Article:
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I'm moving some projects to Rails and I would like to duplicate this PHP code:

http://www.php.net/manual/en/functions.anonymous.php#106046

so far I have this:

def html (tag, id = "", hclass = "")
  hopen = "<#{tag}"
  hclose = "</#{tag}>"
  unless id == ""
    hopen += " id=\"#{id}\""
  end

  unless hclass == ""
    hopen += " class=\"#{hclass}\""
  end

  hopen += ">"

  return lambda  { |data| print hopen,data,hclose}
end

I need to create variable variables, like this in: PHP

$layout = array('container','header','pmain','lsidebar','rsidebar','footer');

foreach ($layout as $element)
   $$element = html ("div", $element);

Here is my RUBY prototype

layout = [:body, :header, :sidebar, :footer]

##I know this isn't right, but how do I create the dynamic functions like PHP???
layout.each {|x| instance_variable_set "@#{x}", 0 }

Also, I need to call the functions, is there anyway to do it without the call method? Its going to be messy if I have to nest the calls.

h1 = html(:h1)
mainx =  html(:div )
puts mainx.class
puts mainx.call(h1.call("Blog!")) 
share|improve this question

2 Answers 2

You're doing a lot here, but here's some help with the transition:

$layout = array('container','header','pmain','lsidebar','rsidebar','footer');

foreach ($layout as $element)
  $$element = html ("div", $element);

This is an array transformation as far as I can tell, so the equivalent is this:

layout = [ @container, @header, @pmain, @lsidebar, @rsidebar, @footer]

layout.collect! do |element|
  # Using the built-in content_tag method instead of
  # the custom reimplementation with curried parameters.
  content_tag("div", element)
end

There's no Ruby way to de-reference a variable, as variables in Ruby behave in an entirely different manner. Instance variables persist in the context of the object, whereas variables persist only within a given scope. You can get and set arbitrary instance variables by name, but you generally cannot do the same with local variables. There is no $$var equivalent in Ruby aside from eval { var } which is really frowned on due to how that evaluates potentially arbitrary code.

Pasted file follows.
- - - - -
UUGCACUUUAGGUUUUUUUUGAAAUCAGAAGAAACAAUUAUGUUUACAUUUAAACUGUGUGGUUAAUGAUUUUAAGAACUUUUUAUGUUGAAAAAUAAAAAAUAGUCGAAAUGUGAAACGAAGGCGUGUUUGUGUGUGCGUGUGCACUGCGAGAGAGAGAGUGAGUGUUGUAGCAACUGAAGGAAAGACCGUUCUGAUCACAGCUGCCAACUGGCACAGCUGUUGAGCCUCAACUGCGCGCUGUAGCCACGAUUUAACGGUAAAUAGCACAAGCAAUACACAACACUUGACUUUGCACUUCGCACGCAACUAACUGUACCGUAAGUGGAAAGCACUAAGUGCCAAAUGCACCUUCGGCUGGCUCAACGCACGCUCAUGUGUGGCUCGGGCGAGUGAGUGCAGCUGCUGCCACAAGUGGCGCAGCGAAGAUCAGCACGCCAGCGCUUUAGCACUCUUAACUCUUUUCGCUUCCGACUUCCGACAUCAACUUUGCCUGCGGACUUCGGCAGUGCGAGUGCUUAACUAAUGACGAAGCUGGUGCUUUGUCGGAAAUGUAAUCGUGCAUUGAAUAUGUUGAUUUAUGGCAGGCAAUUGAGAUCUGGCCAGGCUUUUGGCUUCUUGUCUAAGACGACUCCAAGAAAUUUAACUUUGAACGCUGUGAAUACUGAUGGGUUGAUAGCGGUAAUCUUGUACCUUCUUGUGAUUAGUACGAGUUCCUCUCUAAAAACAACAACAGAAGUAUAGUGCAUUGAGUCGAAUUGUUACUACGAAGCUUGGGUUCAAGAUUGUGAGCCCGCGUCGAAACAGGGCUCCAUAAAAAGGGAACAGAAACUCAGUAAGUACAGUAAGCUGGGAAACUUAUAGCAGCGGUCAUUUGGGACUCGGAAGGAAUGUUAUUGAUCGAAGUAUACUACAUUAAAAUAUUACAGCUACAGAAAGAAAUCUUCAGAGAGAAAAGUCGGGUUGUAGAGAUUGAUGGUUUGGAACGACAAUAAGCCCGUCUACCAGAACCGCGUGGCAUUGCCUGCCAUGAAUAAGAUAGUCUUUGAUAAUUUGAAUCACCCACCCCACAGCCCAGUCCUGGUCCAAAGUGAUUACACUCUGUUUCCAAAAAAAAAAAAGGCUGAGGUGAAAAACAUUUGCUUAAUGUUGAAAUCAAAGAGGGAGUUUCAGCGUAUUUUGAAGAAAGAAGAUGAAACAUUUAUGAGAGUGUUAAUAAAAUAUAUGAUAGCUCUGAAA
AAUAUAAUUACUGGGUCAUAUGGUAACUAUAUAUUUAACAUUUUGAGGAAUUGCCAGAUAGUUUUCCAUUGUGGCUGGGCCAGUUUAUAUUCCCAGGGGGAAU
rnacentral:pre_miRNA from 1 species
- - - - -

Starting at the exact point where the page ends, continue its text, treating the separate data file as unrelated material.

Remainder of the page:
I really have a bad feeling as to why you'd need to do this, though. Templates are supposed to be a way around having to wrangle things at this low level.

If you're new to Ruby a good thing to do is read through the documentation on String and Array as they are both jammed full of useful methods. Array also includes the Enumerable module which adds even more.

share|improve this answer
    
+1, great answer –  apneadiving Oct 14 '11 at 20:08
    
I am new to Ruby. Your answer really explains a lot! I know about eval but I avoid that like the plague with PHP. Putting aside the HTML issue, is it possible to take an array of symbols or whatever, and use the array to to both create named "function pointers" and use the element as a parameter in the function. It may not be possible from what I see. –  Len Oct 14 '11 at 20:22
    
Ruby, like JavaScript, generally doesn't have function pointers, but references to functions, which is a different sort of thing. The best practice in Ruby is to create a Proc that does what you want when called, or to preserve the symbol of the method you want to call. For instance: container_html = lambda { ... } or container_method = :container followed by container_html = some_object.send(container_method) –  tadman Oct 17 '11 at 14:40

If you are on a rails project, there is a lot of helpers that helps you to build html

In fact, there is a helper method called **content_tag** that do the same thing. You can see documentation here: http://apidock.com/rails/v3.1.0/ActionView/Helpers/TagHelper/content_tag

Sample usage

content_tag(:tag_i_want, :id => 'my_id', :class => 'my_class') do
   "the content I want inside the tag"
end

outputs:

<tag_i_want id="my_id" class="my_class">the content I want inside the tag</tag_i_want>

The second question is a bit weird. Explain more what do you want to do. ¿Create @body, @header, @sidebar and @footer variables?¿Thats all?

share|improve this answer
    
Thanks, I guess I tried to reinvent the wheel. I wanted a very compact notation though to do it. Still curious how to do that stuff in Ruby :). –  Len Oct 14 '11 at 19:50
    
@Len: content_tag takes lots of options but you don't have to supply them all. It can be as compact as this: content_tag :h1, "Blog!". However, your code was pretty close, so clearly you're on the road to understanding. Here's an (oldish) article that might help: igvita.com/2007/03/15/block-helpers-and-dry-views-in-rails –  Jordan Oct 14 '11 at 19:57
    
Yes, I wanted to use an array to create those variables which are function pointers. Also, I wanted to use those literals as parameters for the functions. I'm going to do more research from what I'm learning here...thanks! –  Len Oct 14 '11 at 20:24

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